Protest leaders said they would resume talks with the ruling military this week, after both the USA and Ethiopia stepped up their efforts to end the crisis following a massacre in the capital Khartoum.
Activists first began reporting shutdowns the day of the crackdown, preventing activists from reporting critical information about the situation in Sudan, the global rights organization said.
Shops and restaurants meanwhile began to reopen in Sudan's capital Wednesday after demonstrators called off a nationwide civil disobedience campaign and agreed to new talks with generals, though many residents remained indoors after last week's deadly crackdown on protesters that left dozens dead.
"This happened despite their rejection of the forceful deportation", the statement said, adding that the move showed the military council's intention "not to hand power to the civilians and not to reach peace".
Several other residents also told AFP that they were remaining indoors as internet services were still not fully restored across the capital, which made working from offices hard.
"I went to the bank with a cheque and they said there's no money".
So far, doctors in the area have estimated over 100 people being killed by the paramilitary forces.
The Sudanese protesters who succeeded in driving President Omar al-Bashir from power last month say their revolution won't be complete until they have dismantled what many describe as an Islamist-dominated "deep state" that underpinned his 30-year rule.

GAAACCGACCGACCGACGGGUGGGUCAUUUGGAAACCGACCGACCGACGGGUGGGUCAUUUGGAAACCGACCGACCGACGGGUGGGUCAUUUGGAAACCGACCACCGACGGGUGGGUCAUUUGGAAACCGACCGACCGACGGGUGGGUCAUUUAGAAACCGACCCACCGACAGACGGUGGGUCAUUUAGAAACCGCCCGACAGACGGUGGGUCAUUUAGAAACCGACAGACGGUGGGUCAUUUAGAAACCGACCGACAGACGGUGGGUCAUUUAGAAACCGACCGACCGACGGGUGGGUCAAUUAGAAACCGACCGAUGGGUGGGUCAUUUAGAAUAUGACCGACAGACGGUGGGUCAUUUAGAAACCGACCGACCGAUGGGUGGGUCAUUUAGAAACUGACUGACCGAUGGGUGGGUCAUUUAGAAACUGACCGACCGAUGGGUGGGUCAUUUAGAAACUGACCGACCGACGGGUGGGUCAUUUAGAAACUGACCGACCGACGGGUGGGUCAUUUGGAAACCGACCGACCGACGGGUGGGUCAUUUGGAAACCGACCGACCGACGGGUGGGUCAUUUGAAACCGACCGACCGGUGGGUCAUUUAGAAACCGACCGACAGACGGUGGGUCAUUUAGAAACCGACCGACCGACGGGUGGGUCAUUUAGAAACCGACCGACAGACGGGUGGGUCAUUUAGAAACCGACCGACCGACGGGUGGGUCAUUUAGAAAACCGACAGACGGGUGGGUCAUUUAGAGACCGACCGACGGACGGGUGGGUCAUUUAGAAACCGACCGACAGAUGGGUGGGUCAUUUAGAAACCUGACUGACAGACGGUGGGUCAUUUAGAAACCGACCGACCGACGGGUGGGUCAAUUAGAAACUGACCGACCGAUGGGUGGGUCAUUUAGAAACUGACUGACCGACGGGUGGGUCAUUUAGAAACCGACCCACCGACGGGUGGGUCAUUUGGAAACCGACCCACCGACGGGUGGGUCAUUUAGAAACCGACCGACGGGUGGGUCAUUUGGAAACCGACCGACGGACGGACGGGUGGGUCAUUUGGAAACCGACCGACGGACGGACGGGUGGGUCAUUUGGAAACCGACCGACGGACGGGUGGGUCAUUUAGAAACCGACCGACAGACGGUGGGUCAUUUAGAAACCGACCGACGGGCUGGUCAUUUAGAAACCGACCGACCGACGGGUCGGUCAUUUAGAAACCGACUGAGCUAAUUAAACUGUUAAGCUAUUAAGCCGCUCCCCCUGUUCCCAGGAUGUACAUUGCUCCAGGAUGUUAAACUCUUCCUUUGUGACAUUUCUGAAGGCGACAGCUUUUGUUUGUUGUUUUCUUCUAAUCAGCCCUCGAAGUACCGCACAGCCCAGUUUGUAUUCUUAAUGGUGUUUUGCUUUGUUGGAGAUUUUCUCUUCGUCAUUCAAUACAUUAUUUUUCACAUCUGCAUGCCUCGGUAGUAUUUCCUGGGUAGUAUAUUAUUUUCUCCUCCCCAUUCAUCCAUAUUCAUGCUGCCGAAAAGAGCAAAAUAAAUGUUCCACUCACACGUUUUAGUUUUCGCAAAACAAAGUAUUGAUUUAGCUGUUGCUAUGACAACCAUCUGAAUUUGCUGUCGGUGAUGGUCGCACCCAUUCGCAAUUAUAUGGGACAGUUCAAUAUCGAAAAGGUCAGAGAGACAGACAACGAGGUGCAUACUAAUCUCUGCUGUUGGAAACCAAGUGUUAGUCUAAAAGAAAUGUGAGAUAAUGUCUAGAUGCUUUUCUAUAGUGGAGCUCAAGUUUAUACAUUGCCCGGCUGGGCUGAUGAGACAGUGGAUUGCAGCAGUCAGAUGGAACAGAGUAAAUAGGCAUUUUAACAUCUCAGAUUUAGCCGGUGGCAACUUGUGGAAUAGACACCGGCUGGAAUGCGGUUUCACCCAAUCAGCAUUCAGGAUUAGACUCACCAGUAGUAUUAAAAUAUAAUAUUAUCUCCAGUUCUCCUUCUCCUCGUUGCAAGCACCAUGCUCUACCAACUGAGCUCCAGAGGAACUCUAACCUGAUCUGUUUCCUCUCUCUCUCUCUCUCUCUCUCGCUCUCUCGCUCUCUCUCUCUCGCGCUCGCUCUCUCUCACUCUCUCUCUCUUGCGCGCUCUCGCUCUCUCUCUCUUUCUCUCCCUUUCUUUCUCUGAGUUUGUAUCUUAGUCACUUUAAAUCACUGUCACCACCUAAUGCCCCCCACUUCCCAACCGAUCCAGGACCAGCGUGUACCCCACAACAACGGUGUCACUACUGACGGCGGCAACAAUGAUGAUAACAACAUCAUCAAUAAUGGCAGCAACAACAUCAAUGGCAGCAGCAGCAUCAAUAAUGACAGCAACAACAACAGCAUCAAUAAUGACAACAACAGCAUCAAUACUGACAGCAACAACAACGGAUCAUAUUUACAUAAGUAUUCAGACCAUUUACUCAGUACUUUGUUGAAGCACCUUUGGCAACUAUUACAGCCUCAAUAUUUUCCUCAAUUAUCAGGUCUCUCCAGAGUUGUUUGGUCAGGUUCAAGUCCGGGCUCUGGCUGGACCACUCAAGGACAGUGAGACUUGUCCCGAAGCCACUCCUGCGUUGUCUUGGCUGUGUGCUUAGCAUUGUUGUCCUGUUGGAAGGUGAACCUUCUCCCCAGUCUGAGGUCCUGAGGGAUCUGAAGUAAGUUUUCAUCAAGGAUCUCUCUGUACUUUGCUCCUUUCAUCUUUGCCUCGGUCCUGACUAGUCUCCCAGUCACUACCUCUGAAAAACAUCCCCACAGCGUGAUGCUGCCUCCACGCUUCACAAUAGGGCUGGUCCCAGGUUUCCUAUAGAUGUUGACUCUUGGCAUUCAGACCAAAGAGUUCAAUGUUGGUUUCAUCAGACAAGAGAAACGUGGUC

The military council announced that security forces on the streets would be boosted after four people were killed in clashes on Sunday - two in Khartoum and two in Omdurman, just across the Nile river. The protest movement itself said in a statement that it was calling on people "to resume work from Wednesday".
Sudanese rebel leader Yasir Arman has said he and two comrades have been forcibly deported from Khartoum, on the second day of a nationwide civil disobedience campaign by protesters. The generals are still to offer comment.
The United Nations Security Council condemned the violence in Sudan and called for an immediate halt to the violence against civilians.
Sudan's ruling Transitional Military Council (TMC) and the opposition Alliance for Freedom and Change (AFC) have agreed to resume talks on a transitional Sovereign Council.
In a statement, the council's members highlighted the "importance of respect for human rights and of ensuring full protection of civilians, accountability and justice".
Nagy "will call for a cessation of attacks against civilians and urge parties to work towards creating an enabling environment" for talks to resume, the State Department said earlier this week.
Sudan's military leaders have blamed the country's protest movement for what had happened in the last few days.
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